What to Do If Your Child Is Interested in Transferring Colleges
It’s common for students to transfer to a university after successfully completing a two-year community college program. At this point, students are ready to take the next step in their academic careers and earn their bachelor’s degree.
But sometimes, a student starts out at a four-year university and it turns out to be the wrong fit. In this case, students are also likely to consider transferring to a new school. Here’s how to ensure transferring colleges is the right choice for your student, and tips for helping them navigate the transfer process.
Deciding When to Transfer
Every transfer student has a unique story. Reasons to transfer (or postpone transferring) vary from student to student, says Peter Lujan, assistant director of transfer recruitment for the Office of Undergraduate Admissions at Azusa Pacific University. Students may find course availability a problem or they may be at odds with the social or academic atmosphere at their current school, prompting a desire to transfer to another college or even to a community college.
“The reality is that many students may not have been adequately prepared or academically ready to take on college-level coursework. Some may have had unforeseen life circumstances push them off track and some need more time to figure out exactly what they might want to do professionally,” says Lujan. “By staying put or by using their time wisely at a community college, students will develop better study habits, time management skills, and build confidence and momentum as they take their next step toward earning their bachelor’s degree.”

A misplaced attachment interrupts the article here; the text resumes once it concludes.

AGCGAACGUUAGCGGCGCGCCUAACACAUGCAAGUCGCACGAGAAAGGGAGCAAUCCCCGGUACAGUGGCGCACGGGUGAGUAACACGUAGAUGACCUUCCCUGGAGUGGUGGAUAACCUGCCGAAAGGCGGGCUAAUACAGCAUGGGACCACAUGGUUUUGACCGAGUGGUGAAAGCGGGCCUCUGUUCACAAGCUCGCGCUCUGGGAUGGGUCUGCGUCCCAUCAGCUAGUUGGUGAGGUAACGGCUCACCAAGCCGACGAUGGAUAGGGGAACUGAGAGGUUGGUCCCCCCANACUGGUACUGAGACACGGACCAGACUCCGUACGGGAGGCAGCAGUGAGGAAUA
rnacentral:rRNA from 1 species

The idea that attending a community college is a setback or a sort of “Plan B” is unfair and untrue, suggest Lujan. Often, successfully completing one or two additional semesters of academic work at a community college can strengthen students’ abilities—as well as their application for admission to a four-year university.
Another very common reason students choose to first enroll in a community college is affordability.
“Some students may simply seek to save as much money as possible by completing as much coursework as they can at their local community college prior to transferring to a four-year university,” says Lujan.
Ensuring the New School Is the Right School
The only way to know which school is going to be the best fit for any student is to visit the campus and connect with an admissions representative, Lujan advises.
“Most universities offer free tours, preview days, and counselor appointments; I recommend that every prospective transfer student and family take advantage of these services in order to really learn about the campus culture, academic experience, and to get a feel for the community,” notes Lujan.
If a student is transferring to a four-year university down the line, he or she should meet with transfer counselors at prospective schools. This allows the counselors to evaluate the student’s transcripts and provides the student an opportunity to ask questions regarding the transferring process, like which existing class credits can be applied to the new school. Lujan recommends students stay proactive by meeting and checking in with transfer specialists regularly to ensure a smooth transfer.
Graduating on Time
It is a common misconception that transferring colleges delays graduation. Lujan seeks to debunk this myth. Like students who go straight to four-year universities out of high school, transfer students only extend their graduation dates when they do not stay on their academic plan, change the plan to require additional courses, or fail to pass all of their classes.
“Being a transfer student does not automatically mean that it will take a student longer to graduate than it would take a student who went straight into a four-year university,” says Lujan. “If students take advantage of their community college’s academic advisors immediately and make sure they are on a solid transfer path, they should graduate in a timely manner.”
Posted: March 8, 2018